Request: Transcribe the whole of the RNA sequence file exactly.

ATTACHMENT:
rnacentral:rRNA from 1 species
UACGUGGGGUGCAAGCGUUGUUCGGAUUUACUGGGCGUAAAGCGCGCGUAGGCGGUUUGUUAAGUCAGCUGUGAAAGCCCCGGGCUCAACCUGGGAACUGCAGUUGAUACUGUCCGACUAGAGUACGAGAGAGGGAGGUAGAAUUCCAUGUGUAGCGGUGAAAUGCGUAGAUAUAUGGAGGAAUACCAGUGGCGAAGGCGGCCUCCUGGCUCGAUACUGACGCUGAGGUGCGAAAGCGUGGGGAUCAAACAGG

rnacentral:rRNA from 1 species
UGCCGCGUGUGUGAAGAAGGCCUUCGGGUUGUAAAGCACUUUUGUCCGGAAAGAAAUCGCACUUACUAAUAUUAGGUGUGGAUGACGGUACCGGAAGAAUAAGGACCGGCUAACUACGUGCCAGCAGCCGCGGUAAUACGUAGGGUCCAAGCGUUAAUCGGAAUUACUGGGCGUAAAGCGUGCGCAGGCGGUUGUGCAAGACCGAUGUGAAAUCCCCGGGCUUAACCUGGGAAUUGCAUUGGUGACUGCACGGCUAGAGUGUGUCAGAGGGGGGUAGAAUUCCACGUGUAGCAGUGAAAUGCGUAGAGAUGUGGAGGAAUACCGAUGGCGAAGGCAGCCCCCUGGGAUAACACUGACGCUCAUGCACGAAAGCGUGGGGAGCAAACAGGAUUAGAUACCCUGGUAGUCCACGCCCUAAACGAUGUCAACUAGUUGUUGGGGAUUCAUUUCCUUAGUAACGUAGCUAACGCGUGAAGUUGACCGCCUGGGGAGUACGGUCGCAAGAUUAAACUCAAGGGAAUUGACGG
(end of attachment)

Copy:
rnacentral:rRNA from 1 species
UACGUGGGGUGCAAGCGUUGUUCGGAUUUACUGGGCGUAAAGCGCGCGUAGGCGGUUUGUUAAGUCAGCUGUGAAAGCCCCGGGCUCAACCUGGGAACUGCAGUUGAUACUGUCCGACUAGAGUACGAGAGAGGGAGGUAGAAUUCCAUGUGUAGCGGUGAAAUGCGUAGAUAUAUGGAGGAAUACCAGUGGCGAAGGCGGCCUCCUGGCUCGAUACUGACGCUGAGGUGCGAAAGCGUGGGGAUCAAACAGG

rnacentral:rRNA from 1 species
UGCCGCGUGUGUGAAGAAGGCCUUCGGGUUGUAAAGCACUUUUGUCCGGAAAGAAAUCGCACUUACUAAUAUUAGGUGUGGAUGACGGUACCGGAAGAAUAAGGACCGGCUAACUACGUGCCAGCAGCCGCGGUAAUACGUAGGGUCCAAGCGUUAAUCGGAAUUACUGGGCGUAAAGCGUGCGCAGGCGGUUGUGCAAGACCGAUGUGAAAUCCCCGGGCUUAACCUGGGAAUUGCAUUGGUGACUGCACGGCUAGAGUGUGUCAGAGGGGGGUAGAAUUCCACGUGUAGCAGUGAAAUGCGUAGAGAUGUGGAGGAAUACCGAUGGCGAAGGCAGCCCCCUGGGAUAACACUGACGCUCAUGCACGAAAGCGUGGGGAGCAAACAGGAUUAGAUACCCUGGUAGUCCACGCCCUAAACGAUGUCAACUAGUUGUUGGGGAUUCAUUUCCUUAGUAACGUAGCUAACGCGUGAAGUUGACCGCCUGGGGAGUACGGUCGCAAGAUUAAACUCAAGGGAAUUGACGG